Recently I read an article in which the author referred to Fiji as in danger of becoming the “Burma of the South Pacific.” I was reflecting on this as I sorted through some books over the weekend when I found an old favourite, “Tales Worth Telling,” by Asian evangelist, G.D. James. In this book, given to me by my late father, when I found an interesting short story that resonated with the article that I had just read. However after reading, laughing and putting it aside to include in this week's column, it was promptly repositioned by either the matron of the house, or her “energizer bunny” of a grandson. Below then is my interpretation of the story:
The benevolent dictator of a developing country was walking along a river, when he saw a shiny coin at the bottom of the river. Thinking the river shallow enough he waded in but soon found himself out of his depth. Soon treading water in combat boots began to tire him out and just as he was about to go under, three little boys passed by and, seeing a man about to drown, jumped in to help and succeeded in pulling the man to the bank of the river. The rescued man was so happy to be alive he promised the three boys anything they asked for.
“I would like a bicycle please,” said the first boy.
“I would like a bicycle too please,” said the second boy.
“And I suppose you would like a bicycle too,” said the soaking wet dictator to the third boy.
“Actually, I would like a military funeral, if you don't mind. I'm sure you can arrange that,” replied the third boy.
“Of course I can arrange it,” said the dictator, “but why on earth would you want one?”
“Because,” answered the boy, “when my parents find out who I just helped rescue, they're gonna kill me!”
As someone who believes himself to have heard and is doing his best to respond to the call to speak truth to power and act for and in peace, one of my personal struggles in trying to understand our political situation in Fiji continues to be the concept of a Just War and the Doctrine of Necessity. As human beings who for the most, yearn to live in peace and harmony with each other, the question is, “Do the ends justify the means, or a the means and methods used just as important as the desired result.”While for me the answer is and always will be the latter, I understand than many of us may wrestle with this question for a long time.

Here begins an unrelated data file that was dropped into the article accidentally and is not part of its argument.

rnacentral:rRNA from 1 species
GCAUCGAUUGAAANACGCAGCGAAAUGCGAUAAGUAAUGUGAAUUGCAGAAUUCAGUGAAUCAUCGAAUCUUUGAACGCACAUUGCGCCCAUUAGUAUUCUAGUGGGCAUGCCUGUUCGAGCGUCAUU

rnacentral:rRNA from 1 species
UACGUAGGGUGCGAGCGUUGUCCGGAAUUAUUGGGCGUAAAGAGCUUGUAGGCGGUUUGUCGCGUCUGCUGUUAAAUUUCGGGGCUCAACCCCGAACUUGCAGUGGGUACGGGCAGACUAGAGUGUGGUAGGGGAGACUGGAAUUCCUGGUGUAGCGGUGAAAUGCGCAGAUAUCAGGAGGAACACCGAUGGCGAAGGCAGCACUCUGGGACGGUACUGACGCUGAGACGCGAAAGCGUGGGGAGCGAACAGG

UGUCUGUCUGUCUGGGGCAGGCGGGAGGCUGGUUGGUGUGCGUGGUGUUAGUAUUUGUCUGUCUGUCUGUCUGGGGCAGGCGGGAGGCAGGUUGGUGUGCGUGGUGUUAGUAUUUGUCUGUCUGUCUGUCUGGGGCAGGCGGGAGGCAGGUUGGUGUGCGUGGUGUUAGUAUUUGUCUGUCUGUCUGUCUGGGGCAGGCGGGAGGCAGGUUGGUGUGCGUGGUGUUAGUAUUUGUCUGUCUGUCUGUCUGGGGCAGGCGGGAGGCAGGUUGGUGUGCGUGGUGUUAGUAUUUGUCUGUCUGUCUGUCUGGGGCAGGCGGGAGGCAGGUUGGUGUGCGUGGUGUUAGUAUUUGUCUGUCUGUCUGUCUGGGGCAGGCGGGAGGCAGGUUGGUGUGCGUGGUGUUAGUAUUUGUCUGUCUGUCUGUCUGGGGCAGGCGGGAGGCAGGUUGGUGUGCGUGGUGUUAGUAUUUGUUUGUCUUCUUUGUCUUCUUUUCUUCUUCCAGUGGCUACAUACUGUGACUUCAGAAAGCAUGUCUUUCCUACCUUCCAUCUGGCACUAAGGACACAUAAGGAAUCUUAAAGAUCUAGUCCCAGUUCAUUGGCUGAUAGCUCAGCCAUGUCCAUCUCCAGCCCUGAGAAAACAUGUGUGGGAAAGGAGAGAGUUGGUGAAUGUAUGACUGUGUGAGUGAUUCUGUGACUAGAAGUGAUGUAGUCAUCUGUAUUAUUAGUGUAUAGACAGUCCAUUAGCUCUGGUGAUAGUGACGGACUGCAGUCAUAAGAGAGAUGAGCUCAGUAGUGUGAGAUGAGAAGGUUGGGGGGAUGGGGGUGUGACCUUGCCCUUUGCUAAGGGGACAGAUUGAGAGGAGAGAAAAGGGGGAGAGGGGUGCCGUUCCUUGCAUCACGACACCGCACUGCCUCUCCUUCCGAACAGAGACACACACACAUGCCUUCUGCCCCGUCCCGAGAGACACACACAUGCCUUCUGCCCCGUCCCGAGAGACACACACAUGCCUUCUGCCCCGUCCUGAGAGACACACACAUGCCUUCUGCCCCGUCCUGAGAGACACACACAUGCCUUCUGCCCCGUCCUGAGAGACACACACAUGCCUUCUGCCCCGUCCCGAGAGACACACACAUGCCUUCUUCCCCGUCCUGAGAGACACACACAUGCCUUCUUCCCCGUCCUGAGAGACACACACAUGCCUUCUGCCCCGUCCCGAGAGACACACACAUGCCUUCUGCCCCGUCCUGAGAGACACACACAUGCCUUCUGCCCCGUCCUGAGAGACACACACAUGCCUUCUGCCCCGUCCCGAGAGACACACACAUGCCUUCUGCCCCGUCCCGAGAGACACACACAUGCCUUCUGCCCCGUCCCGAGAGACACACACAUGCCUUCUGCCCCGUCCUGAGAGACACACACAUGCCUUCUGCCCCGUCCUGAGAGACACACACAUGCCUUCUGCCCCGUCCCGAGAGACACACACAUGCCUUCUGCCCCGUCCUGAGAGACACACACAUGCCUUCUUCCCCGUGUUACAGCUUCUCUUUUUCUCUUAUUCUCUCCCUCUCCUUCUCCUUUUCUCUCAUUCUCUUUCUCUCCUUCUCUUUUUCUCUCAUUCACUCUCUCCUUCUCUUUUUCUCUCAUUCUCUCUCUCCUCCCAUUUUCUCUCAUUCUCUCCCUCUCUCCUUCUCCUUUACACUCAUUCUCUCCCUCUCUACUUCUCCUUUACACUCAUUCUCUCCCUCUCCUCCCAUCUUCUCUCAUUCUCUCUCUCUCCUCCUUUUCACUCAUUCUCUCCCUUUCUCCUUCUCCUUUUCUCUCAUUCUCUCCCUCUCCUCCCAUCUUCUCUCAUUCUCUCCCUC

Recently someone labelled me a hypocrite for supporting a peaceful resolution to the current political, social and cultural conflict in Fiji and a return to democracy, while still often wearing a polo shirt given to me during my visit to the 2FIR “Fiji Batt”in Sinai as part of a visit to the Holy Land. I point out to them that it was a gift given in love and appreciation for a sermon I preached and as a fellow Fijian in the Holy Land. It is one of the only souvenirs that I have to mark this pilgrimage and I remain firm in my support of the peacekeeping role and abilities of the RFMF, although I continue to pray for the same level of peaceful negotiation, conciliation, and compassion which they display as Observers in the Sinai Peninsula, could be practised in their own homeland which they rule through superior force.
I then asked my accuser, if he had a Fiji rugby jersey. As a die-hard Fiji fan, his response was a resolute “yes!” accompanied by the sort of look reserved for members of the family who are a little “slow on the uptake”, or to coin a common Fijian expression, “tubelight.” He challenged me by asking if I also had one, and I professed my allegiance by regaling him with a rather long and winding story about how my dear mother-in-law had given me one as a gift and how I wore it with pride in England.